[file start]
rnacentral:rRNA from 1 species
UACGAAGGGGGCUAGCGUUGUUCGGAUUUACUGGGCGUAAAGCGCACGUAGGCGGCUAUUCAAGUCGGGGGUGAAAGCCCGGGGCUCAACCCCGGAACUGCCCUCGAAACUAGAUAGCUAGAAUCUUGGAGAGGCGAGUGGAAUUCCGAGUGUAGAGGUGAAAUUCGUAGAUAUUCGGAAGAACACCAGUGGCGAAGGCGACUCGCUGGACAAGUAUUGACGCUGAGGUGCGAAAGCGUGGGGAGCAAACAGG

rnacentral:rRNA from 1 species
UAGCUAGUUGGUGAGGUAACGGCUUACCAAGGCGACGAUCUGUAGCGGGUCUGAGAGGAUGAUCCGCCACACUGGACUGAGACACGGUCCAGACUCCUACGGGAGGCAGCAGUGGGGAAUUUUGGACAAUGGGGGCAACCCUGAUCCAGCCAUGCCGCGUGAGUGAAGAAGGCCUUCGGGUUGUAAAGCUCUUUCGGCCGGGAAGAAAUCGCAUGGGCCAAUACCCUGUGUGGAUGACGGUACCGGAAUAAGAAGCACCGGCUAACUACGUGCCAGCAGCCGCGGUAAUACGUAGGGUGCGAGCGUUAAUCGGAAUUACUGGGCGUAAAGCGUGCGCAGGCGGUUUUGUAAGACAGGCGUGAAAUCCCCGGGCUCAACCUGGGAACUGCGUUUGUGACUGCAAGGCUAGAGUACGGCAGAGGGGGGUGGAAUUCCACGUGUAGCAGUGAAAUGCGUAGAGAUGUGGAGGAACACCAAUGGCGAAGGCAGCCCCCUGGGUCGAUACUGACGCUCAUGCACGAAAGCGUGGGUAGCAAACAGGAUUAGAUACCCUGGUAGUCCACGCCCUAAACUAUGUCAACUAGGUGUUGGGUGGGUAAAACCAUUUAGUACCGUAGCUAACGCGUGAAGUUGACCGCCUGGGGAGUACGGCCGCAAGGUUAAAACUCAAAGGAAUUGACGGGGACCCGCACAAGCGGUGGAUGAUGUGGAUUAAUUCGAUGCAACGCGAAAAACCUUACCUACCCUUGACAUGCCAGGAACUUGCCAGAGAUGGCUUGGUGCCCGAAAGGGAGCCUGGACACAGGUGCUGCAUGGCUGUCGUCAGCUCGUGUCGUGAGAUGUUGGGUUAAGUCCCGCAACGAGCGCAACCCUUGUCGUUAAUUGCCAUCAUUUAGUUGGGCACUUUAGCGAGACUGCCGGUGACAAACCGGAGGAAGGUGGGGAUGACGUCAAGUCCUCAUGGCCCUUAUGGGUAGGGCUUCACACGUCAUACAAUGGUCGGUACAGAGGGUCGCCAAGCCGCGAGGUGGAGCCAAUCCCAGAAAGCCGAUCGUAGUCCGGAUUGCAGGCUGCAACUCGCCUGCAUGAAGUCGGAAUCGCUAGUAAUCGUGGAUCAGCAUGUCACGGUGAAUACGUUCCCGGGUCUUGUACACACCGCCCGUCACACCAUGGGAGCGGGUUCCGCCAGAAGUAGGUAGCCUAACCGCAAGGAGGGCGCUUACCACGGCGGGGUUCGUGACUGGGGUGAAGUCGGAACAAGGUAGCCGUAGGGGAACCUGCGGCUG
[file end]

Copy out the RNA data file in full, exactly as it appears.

rnacentral:rRNA from 1 species
UACGAAGGGGGCUAGCGUUGUUCGGAUUUACUGGGCGUAAAGCGCACGUAGGCGGCUAUUCAAGUCGGGGGUGAAAGCCCGGGGCUCAACCCCGGAACUGCCCUCGAAACUAGAUAGCUAGAAUCUUGGAGAGGCGAGUGGAAUUCCGAGUGUAGAGGUGAAAUUCGUAGAUAUUCGGAAGAACACCAGUGGCGAAGGCGACUCGCUGGACAAGUAUUGACGCUGAGGUGCGAAAGCGUGGGGAGCAAACAGG

rnacentral:rRNA from 1 species
UAGCUAGUUGGUGAGGUAACGGCUUACCAAGGCGACGAUCUGUAGCGGGUCUGAGAGGAUGAUCCGCCACACUGGACUGAGACACGGUCCAGACUCCUACGGGAGGCAGCAGUGGGGAAUUUUGGACAAUGGGGGCAACCCUGAUCCAGCCAUGCCGCGUGAGUGAAGAAGGCCUUCGGGUUGUAAAGCUCUUUCGGCCGGGAAGAAAUCGCAUGGGCCAAUACCCUGUGUGGAUGACGGUACCGGAAUAAGAAGCACCGGCUAACUACGUGCCAGCAGCCGCGGUAAUACGUAGGGUGCGAGCGUUAAUCGGAAUUACUGGGCGUAAAGCGUGCGCAGGCGGUUUUGUAAGACAGGCGUGAAAUCCCCGGGCUCAACCUGGGAACUGCGUUUGUGACUGCAAGGCUAGAGUACGGCAGAGGGGGGUGGAAUUCCACGUGUAGCAGUGAAAUGCGUAGAGAUGUGGAGGAACACCAAUGGCGAAGGCAGCCCCCUGGGUCGAUACUGACGCUCAUGCACGAAAGCGUGGGUAGCAAACAGGAUUAGAUACCCUGGUAGUCCACGCCCUAAACUAUGUCAACUAGGUGUUGGGUGGGUAAAACCAUUUAGUACCGUAGCUAACGCGUGAAGUUGACCGCCUGGGGAGUACGGCCGCAAGGUUAAAACUCAAAGGAAUUGACGGGGACCCGCACAAGCGGUGGAUGAUGUGGAUUAAUUCGAUGCAACGCGAAAAACCUUACCUACCCUUGACAUGCCAGGAACUUGCCAGAGAUGGCUUGGUGCCCGAAAGGGAGCCUGGACACAGGUGCUGCAUGGCUGUCGUCAGCUCGUGUCGUGAGAUGUUGGGUUAAGUCCCGCAACGAGCGCAACCCUUGUCGUUAAUUGCCAUCAUUUAGUUGGGCACUUUAGCGAGACUGCCGGUGACAAACCGGAGGAAGGUGGGGAUGACGUCAAGUCCUCAUGGCCCUUAUGGGUAGGGCUUCACACGUCAUACAAUGGUCGGUACAGAGGGUCGCCAAGCCGCGAGGUGGAGCCAAUCCCAGAAAGCCGAUCGUAGUCCGGAUUGCAGGCUGCAACUCGCCUGCAUGAAGUCGGAAUCGCUAGUAAUCGUGGAUCAGCAUGUCACGGUGAAUACGUUCCCGGGUCUUGUACACACCGCCCGUCACACCAUGGGAGCGGGUUCCGCCAGAAGUAGGUAGCCUAACCGCAAGGAGGGCGCUUACCACGGCGGGGUUCGUGACUGGGGUGAAGUCGGAACAAGGUAGCCGUAGGGGAACCUGCGGCUG